And while the film is undoubtedly set in a dark place, we recognize it as a very human place. A place that exists inside every one of us, even if many of us prefer to pretend that it simply isn’t there.

The superb ensemble cast, a series of performances so uniformly strong I can’t bring myself to single out one or the other (besides that Udo Kier is awesome as always) brings the world to life. There’s a lot of bravery on display here, on both sides of the camera.

Like its difficult and polarizing auteur, Melancholia requires a lot of patience and isn’t going to be for everybody. But those viewers who are attuned to it will find it an extraordinary experience–testament to the power of cinematic art.

Melancholia poster

John Hurt, Chris Evans and Jamie Bell star in SNOWPIERCER.


South Korea. Directed by Joon-ho Bong, 2013. Starring Chris Evans, Kang-ho Song, Tilda Swinton. 126 minutes.

Of all the possible ways the tattered remnants of humanity could survive a global Hoth-pocalypse, “on a train” doesn’t seem like a particularly likely option. But that’s the option Joon-ho Bong chose to explore in Snowpiercer, a very loose adaptation of an early-’80s French graphic novel.

Seventeen years after a botched attempt to counteract global climate change causes a world-wide ice age that kills almost every living thing on the planet, the last few living humans travel round the world on the Snowpiercer, a massive train powered by a perpetual-motion locomotive. Society has degenerated to become a literal dystopia-in-a-box (well, series of boxes): a highly regimented class system with a place for everything and everything in its place. The poor live in squalor in the tail cars; the well-to-do dwell in the lap of luxury towards the front; and in the engine car, Wilford, the Great Engineer, rules over them all. The posh Minister Mason (Tilda Swinton) periodically visits the train’s slums to dispense justice and tell the urchins who live there how lucky they are that they get to live here at all.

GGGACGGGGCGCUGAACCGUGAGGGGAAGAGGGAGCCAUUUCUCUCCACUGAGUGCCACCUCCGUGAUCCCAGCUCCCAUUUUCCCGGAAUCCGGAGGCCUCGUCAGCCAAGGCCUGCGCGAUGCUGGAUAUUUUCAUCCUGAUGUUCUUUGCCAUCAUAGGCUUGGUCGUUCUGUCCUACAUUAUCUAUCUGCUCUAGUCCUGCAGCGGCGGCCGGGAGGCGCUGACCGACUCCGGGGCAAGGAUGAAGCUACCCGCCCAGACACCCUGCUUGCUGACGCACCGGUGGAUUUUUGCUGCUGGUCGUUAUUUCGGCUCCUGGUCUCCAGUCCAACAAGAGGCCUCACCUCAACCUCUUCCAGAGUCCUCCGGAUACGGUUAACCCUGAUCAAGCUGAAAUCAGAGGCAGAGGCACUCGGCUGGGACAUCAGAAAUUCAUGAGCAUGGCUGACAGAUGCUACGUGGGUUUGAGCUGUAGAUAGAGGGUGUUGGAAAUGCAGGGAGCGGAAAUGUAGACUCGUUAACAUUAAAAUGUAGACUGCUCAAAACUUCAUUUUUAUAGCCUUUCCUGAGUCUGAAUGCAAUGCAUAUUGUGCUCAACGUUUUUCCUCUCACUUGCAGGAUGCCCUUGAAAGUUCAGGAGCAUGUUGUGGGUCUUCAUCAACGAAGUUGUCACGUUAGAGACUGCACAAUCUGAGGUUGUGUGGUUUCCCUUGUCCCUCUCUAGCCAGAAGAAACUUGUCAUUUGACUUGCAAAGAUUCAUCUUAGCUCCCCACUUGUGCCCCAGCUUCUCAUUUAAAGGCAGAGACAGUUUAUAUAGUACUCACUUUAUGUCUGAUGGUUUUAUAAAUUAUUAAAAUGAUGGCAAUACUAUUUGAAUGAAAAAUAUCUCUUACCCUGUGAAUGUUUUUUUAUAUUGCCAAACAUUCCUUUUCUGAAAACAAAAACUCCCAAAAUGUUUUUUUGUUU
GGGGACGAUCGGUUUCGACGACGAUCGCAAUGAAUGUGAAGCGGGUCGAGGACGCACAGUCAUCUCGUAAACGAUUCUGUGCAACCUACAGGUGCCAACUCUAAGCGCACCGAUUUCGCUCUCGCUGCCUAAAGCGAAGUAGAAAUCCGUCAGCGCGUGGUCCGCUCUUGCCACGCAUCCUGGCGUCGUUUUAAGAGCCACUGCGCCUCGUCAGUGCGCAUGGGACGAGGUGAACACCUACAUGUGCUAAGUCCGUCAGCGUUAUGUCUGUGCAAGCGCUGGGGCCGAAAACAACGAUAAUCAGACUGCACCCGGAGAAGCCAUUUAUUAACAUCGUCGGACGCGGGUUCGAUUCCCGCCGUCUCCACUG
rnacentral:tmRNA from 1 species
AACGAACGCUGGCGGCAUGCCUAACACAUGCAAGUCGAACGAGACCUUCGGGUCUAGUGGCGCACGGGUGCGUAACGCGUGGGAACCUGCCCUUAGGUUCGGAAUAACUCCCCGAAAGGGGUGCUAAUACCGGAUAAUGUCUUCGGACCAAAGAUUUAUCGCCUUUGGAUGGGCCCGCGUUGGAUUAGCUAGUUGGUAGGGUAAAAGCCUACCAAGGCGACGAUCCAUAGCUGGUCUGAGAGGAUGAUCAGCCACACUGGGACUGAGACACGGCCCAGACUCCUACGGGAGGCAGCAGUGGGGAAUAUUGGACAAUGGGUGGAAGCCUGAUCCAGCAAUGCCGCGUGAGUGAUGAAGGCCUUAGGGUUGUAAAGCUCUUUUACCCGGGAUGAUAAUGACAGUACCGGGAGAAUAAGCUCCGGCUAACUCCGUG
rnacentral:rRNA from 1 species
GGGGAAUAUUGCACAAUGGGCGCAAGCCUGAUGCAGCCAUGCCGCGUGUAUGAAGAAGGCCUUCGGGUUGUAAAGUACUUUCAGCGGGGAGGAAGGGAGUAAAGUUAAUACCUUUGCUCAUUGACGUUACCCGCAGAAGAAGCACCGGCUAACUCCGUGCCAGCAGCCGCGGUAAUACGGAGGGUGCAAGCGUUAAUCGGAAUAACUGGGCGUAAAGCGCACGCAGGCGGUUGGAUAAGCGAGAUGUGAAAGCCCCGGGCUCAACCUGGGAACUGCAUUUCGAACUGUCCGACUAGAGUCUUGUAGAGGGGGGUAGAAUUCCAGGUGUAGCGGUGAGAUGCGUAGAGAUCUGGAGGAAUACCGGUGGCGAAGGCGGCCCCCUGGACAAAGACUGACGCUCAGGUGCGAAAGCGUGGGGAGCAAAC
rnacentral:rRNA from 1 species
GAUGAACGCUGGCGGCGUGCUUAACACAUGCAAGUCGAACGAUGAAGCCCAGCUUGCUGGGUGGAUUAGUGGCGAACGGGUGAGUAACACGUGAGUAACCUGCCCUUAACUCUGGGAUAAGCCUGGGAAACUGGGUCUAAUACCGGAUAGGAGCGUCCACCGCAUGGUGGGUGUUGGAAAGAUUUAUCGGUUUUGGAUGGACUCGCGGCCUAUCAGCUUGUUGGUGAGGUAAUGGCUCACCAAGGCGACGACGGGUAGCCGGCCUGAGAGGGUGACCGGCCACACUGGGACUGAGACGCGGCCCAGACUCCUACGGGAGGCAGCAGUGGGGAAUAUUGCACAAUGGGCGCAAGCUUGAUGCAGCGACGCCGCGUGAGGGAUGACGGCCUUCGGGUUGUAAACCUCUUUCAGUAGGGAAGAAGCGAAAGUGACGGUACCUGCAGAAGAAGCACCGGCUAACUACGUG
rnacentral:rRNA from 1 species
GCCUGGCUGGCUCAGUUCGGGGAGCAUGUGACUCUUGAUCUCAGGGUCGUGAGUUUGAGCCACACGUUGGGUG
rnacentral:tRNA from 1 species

But rebellion is in the air, led by the elderly Gilliam (John Hurt) and his protege Curtis (Chris Evans). They plan to abduct Namgoong “Nam” Minsu (Kang-ho Song), the drug-addled tech who designed the train’s security systems, and use his knowledge to force their way to the front of the train and finally depose Wilford.

Cinematic history, I’d like to introduce you to Snowpiercer, the film that will be remembered as its generation’s equivalent of The Matrix if there’s any justice in the universe.